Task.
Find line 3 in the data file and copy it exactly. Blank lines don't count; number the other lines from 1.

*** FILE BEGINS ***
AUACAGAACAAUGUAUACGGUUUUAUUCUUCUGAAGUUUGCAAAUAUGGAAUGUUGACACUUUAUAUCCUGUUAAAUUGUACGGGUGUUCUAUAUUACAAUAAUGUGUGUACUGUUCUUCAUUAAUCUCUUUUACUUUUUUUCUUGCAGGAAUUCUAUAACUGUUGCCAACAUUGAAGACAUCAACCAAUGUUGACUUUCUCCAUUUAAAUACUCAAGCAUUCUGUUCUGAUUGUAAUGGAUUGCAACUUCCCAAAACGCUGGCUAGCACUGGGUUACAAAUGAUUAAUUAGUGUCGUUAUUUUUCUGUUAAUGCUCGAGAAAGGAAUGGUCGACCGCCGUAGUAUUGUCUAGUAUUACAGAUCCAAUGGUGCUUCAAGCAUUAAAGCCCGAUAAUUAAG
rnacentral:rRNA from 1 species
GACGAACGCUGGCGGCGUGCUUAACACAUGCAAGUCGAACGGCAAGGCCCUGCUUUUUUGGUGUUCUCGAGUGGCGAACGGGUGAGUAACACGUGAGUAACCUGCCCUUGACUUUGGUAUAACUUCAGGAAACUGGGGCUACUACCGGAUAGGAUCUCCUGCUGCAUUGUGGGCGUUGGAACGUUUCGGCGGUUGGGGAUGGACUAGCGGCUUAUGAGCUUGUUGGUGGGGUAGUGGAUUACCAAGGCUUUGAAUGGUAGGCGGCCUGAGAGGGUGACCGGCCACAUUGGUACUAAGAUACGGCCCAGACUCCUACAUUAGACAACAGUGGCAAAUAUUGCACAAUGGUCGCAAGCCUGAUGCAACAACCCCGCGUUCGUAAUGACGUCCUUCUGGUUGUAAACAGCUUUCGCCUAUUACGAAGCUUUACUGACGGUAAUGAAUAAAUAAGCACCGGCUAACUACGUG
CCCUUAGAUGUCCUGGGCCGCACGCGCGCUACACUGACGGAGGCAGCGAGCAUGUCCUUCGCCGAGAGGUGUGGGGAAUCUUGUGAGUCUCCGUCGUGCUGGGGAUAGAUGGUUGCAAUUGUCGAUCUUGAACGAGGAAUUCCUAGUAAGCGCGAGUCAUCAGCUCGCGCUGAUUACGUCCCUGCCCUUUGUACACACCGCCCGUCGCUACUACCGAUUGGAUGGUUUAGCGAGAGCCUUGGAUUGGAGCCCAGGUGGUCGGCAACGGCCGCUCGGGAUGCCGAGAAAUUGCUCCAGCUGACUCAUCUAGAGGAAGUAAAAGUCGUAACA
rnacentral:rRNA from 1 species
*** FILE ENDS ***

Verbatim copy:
GACGAACGCUGGCGGCGUGCUUAACACAUGCAAGUCGAACGGCAAGGCCCUGCUUUUUUGGUGUUCUCGAGUGGCGAACGGGUGAGUAACACGUGAGUAACCUGCCCUUGACUUUGGUAUAACUUCAGGAAACUGGGGCUACUACCGGAUAGGAUCUCCUGCUGCAUUGUGGGCGUUGGAACGUUUCGGCGGUUGGGGAUGGACUAGCGGCUUAUGAGCUUGUUGGUGGGGUAGUGGAUUACCAAGGCUUUGAAUGGUAGGCGGCCUGAGAGGGUGACCGGCCACAUUGGUACUAAGAUACGGCCCAGACUCCUACAUUAGACAACAGUGGCAAAUAUUGCACAAUGGUCGCAAGCCUGAUGCAACAACCCCGCGUUCGUAAUGACGUCCUUCUGGUUGUAAACAGCUUUCGCCUAUUACGAAGCUUUACUGACGGUAAUGAAUAAAUAAGCACCGGCUAACUACGUG